340B Basics

Welcome to the basics of the 340B Program

What is 340B: Section 340B of the Public Health Services Act was created under Section 602 of the Veterans Health Care Act of 1992. Section 340B requires manufacturers participating in the Medicaid program to enter into a pharmaceutical pricing agreement with the United States Department of Health and Human Services (HHS). Under such an agreement, individual manufacturers agree to provide discounted prices to certain defined “covered entities” for covered outpatient drugs. These “covered entities” typically serve more vulnerable patient populations.

By enacting Section 340B in 1992, Congress intended to remedy a situation created by the earlier enactment of the Medicaid rebate program in 1990. More particularly, as a result of the 1990 Medicaid rebate program, drug manufacturers were required to enter into rebate agreements with HHS as a precondition for Medicaid covering their drugs. Pursuant to these agreements, Medicaid could (and still can in certain situations) seek rebates from manufacturers for drugs they have covered (provided reimbursement for). These “back-end” drug rebate discounts, however, were based in part on the manufacturers’ “best prices” to non-Medicaid providers for these drugs. As a result, the lower a manufacturer’s best price for a particular drug, the higher the Medicaid rebate for that drug would be. Obviously, this left little incentive for manufacturers to offer low “best prices”. Not surprisingly, many manufacturers began raising their “best prices”, resulting in increased government spending for drugs purchased by other non-Medicaid government-supported providers. This seemingly undermined the benefits from the drug rebates enjoyed by Medicaid. Congress therefore enacted Section 340B in 1992, thus allowing the “front-end” discounted outpatient drug prices to defined “covered entities.”

What does 340B do?

A good place for additional information is the SNHPA Website.

18 Replies to “340B Basics”

  1. Hi Jeanne,
    My apologies for the delay. We are transferring this blog info to our main website at turnkeyrxsol.com/blog. The answer is that if the original prescription qualified, then the refills qualify. The covered entity retains responsibility for care for that prescription and the patient.

  2. Rob,

    We have a 340b pharmacy at our clinic and we are following the rules for patients my question is if i have a patient who is getting 340b medications at our clinic and they are seen regularly can we put refills on those medications or do we have to see them each time and write a new rx…this is mostly for people with chronic medical conditions

  3. Hi Doris,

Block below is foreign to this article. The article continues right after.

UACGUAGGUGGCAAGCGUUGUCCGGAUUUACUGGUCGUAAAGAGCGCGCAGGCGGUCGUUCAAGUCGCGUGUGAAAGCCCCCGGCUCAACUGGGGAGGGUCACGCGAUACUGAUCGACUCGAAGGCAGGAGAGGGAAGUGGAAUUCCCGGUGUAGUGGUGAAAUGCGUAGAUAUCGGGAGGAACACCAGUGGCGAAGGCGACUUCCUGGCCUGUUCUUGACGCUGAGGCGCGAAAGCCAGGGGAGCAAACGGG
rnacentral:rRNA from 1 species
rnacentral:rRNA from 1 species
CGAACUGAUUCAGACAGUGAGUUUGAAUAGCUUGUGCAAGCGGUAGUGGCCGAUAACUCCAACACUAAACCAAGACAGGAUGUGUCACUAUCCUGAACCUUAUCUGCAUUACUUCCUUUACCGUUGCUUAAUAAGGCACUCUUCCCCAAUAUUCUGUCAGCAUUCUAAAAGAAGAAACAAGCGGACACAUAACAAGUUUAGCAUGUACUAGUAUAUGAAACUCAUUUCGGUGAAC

This one is tricky (and my apologies for the late reply). The key is: Where is the visit? If the visit is documented and part of the qualified clinic, then it likely can qualify. If the visit is at the LTC and they are contracting with the provider for services, then it likely will not qualify. As with real estate, the key is: Location, Location, Location!

  4. Hi,
    Is there a way the Long Term Care medical director can write a prescription for the resident at the nursing home and it be filled with 340B product? The Medical director is billing his professional fee through a qualified outpatient clinic…thanks

  5. Hi Dennis,
    Great question, and a little tricky. In general, when this is taught at 340B University, it is considered a negative versus a positive of contract pharmacy agreements. Allowed, however, is an interesting word. There isn’t technically a legal issue with it at this current time, which is why all Walgreen’s arrangements have a percentage. In general though, I think it makes sense to see if a fixed rate (i.e., flat dispensing fee) can work for a contract pharmacy arrangement. Having said that, I have seen situations where it will not work because the pharmacy’s net profit currently is high and for the high cost prescriptions going through the contract pharmacy process, the net result is unfavorable for the retail pharmacy. In these cases, as you increase the dispensing fee to compensate, you chase your tail. This happens because the higher dispensing fee starts to exclude lower cost drugs, so the only scripts in the mix are high cost scripts that already have high margins. In these cases, we have seen a smaller flat fee with a percentage of prescription total may create the win-win situation we try to seek in a contract pharmacy arrangement. In the end, contract pharmacy requires a lot of management and compliance resources, it is not a plug and play program that should entered into lightly. I hope that was not too long winded, and that it helped. Aloha, -Rob